As becomes clear in White ‘s response to various commentaries by well-knownChina scholars in the same edition of China Information ，his model takes seriouslyBeijing ’s offer of a widened version of the ‘one country ，two systems’-formula.At the same time，he speculates on a “loose confederal system ”that might evolvethrough the fifty years of guaranteed peace in the Taiwan Strait.He insists notto advocate the Beijing version of the“one China ”principle ，but that reunificationafter fifty years “would depend on interim Taiwanese judgments about the Chinait will in any case have to face then.”It is obvious that White believes thatChina will change in the meantime to a more democratic country that would abstainfrom any violent action against Taiwan，enabling both to finally agree peacefullyon the ultimate political status of the island.What the U.S.will or shoulddefend till this distant day is Taiwanese democracy ，not Taiwanese nationalismor external sovereignty.
Model 2：A“Confederal China”Represented in the UN
Whereas Lynn T.White does not problematize the issue of Taiwan ‘s sovereignty，but -by advising Taipei to accept a unification deal —adheres to the concept ofan undivided Chinese State to be represented by the PRC （at least for the timebeing ），He Baogang goes in another direction.His approach focuses on the questionhow to give substance to the idea of a“confederal China.”As he writes，“to settlethe Taiwan question peacefully，both sides of the Taiwan Strait need to pool theirsovereignty to form a lose federation and share sovereignty in the UN.”Thekey for a solution lies in the establishment of two “asymmetric seats”in the UN，by which“Taiwan would still be a part of China ，while at the same time enjoyingspecial status in the UN that would recognize its current status and internationalposition.”As contemporary examples for such a structure，he names the casesof San Marino （associated with Italy ，while still being a sovereign state thatcontrols its own foreign policy ）and Liechtenstein（also a sovereign state，butsharing power with Switzerland in the UN）。What the author suggests here，isdual representation of China along the German model between 1973and 1990，theYemen model between 1967and 1990or the Korean model since 1991—albeit Taiwanis granted asymmetric recognition only.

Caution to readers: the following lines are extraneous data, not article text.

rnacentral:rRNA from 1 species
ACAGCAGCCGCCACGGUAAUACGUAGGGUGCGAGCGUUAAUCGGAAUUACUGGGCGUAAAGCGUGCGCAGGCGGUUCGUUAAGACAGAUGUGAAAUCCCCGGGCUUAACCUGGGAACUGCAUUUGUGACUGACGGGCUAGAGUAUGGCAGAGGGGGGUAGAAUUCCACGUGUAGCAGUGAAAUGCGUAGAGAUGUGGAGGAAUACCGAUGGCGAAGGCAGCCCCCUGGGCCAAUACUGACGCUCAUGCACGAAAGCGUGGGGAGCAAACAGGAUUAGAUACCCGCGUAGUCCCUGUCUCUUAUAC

It follows in the article a list of benefits that China would harvest by suchan agreement，among them —somewhat unconvincing —the facilitation of an EconomicUnion and a gain of more trustworthiness in the eyes of the Taiwanese ，helpingto bring them back on the track of unification.Beijing should not regard a UN seatfor Taiwan as a pathway to independence ，but as a stepping-stone to a unifiedChina.However，“recognition of Taiwan having a seat in the UN is a special arrangementthat would require Taipei ‘s stated commitment to reunification in return.”What the author envisages is confederalism“in the following sense：although Chinesesovereignty should be realized through a formal unification of mainland China andTaiwan，Taiwan is allowed to have its own army ，police force ，currency ，andparliament.”This sounds pretty much as the widened “one country ，two system”formula that Beijing has proposed to Taipei long ago—yet with the important differencethat the two systems to be designed here acquire equal international statehood atleast temporarily.
As sovereignty today is no longer sacred but actually a “commodity that hasan exchange value ，”He Baogang appeals to Chinese pragmatism to solve the ‘Taiwanquestion’peacefully.As long as both the PRC and Taiwan uphold the principle ofabsolute and undivided sovereignty for their respective countries ，war seems tobe the only consequence for the future of cross-Strait relations.More specifically，the author stresses that Beijing cannot treat the Taiwan issue as an internal affairanymore and should accept that a peaceful settlement requires “certain forms offoreign ‘intervention’so as to build up a trust mechanism acceptable to the Taiwanpeople.”At the same time ，Taiwan ‘s nationalists must give up the aimof formal independence and the foundation of a new Republic of Taiwan.Both sideshave to accept that absolute sovereignty must be traded for peace.